The report of the directors of the Mount Malcolm Mines, Ltd., covering the period from the 17th March, 1900, to the 31st March last, to be submitted at the meeting on the 30th inst., states that, after writing off £1,804 from plant and machinery, and half the preliminary expenses amounting to £1,989, there remains £3,727 to the credit of profit and loss. As the shareholders have recently been informed, the directors have thought it advisable, under the recommendation of its representatives in Western Australia, to restrict the operations to development of the mine, and accordingly the battery and cyanide plant have been stopped. They are of opinion that this is the wisest policy to pursue, as the crushing of small parcels of stone every month entails a much higher mining and milling cost. During this period 6,297 tons of ore have been crushed for 4,193 oz. of gold, and 7,585 tons of tailings cyanided for 2,029 oz. of gold, being a total of 6,222 oz., amounting to £23,765, after taking off the cost of transit and realization. A large amount of development work has been accomplished upon the company's property during the period under review. The reef has been exceedingly erratic; several rich strikes of ore have been made in various parts of the property during the year; but, unfortunately, these good developments did not continue. The directors hope that the shute of ore in the Juliet mine will be found to be a continuation of the good stone which existed in the upper levels.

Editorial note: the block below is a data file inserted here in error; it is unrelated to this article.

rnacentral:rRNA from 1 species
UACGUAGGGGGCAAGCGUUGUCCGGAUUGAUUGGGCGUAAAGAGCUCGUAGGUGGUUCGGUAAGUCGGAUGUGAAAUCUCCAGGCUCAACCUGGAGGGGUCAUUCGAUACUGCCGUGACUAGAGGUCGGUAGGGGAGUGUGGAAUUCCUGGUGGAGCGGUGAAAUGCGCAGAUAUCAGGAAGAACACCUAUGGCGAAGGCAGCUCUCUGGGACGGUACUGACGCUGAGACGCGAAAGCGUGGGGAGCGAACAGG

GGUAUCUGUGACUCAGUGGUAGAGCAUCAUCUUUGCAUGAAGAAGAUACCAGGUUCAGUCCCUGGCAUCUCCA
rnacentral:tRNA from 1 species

Now, the ordinary man reading this report would not know that this company, although a young one, has been reconstructed, that in 1899 the old company paid a shilling dividend, and that crushing has been in progress since the middle of 1897. This is information that he should get to know, even though it may not be much, or very valuable, for it is better than being ignorant of it. The ore is poor for a West Australian mine, and we find consequently that the company is hardly paying its way. The fact that the battery has been closed down, and the cyanide plant stopped in order to concentrate work on the development of the mine, is evidence, reading between the lines, that the manager is not satisfied with the bodies of ore he has been working, and that if the company has nothing else to rely upon it is practically doomed. Therefore, everything depends upon the results of this development work, and there is no knowing how long the shareholders may have to wait for results. So far as development work has proceeded, it has proved the mine to be very patchy, and it is very rarely that reliable, regular formations are found in such properties. Still, we must take the chance of the Mount Malcolm proving an exception to the rule. Is this a good mine to invest in? Are the shares promising speculative shares? As they stand at only a shilling or two, a few may, perhaps, be a good speculative purchase, but in a case of this kind the purchaser must be satisfied with a very small profit. An ordinary man reading a report of this kind would likely criticise it in the way I have mentioned, and therefore advice from those who had the full report, or who had followed fairly closely the history of the mine, would be of the greatest assistance to him. It would depend much upon his temperament as to whether a two-shilling share in such a company, issuing such a report, would be attractive to him. Others would pass it by and look for a more promising speculation elsewhere, and they would find it in the same issue of the paper, where the following report appeared: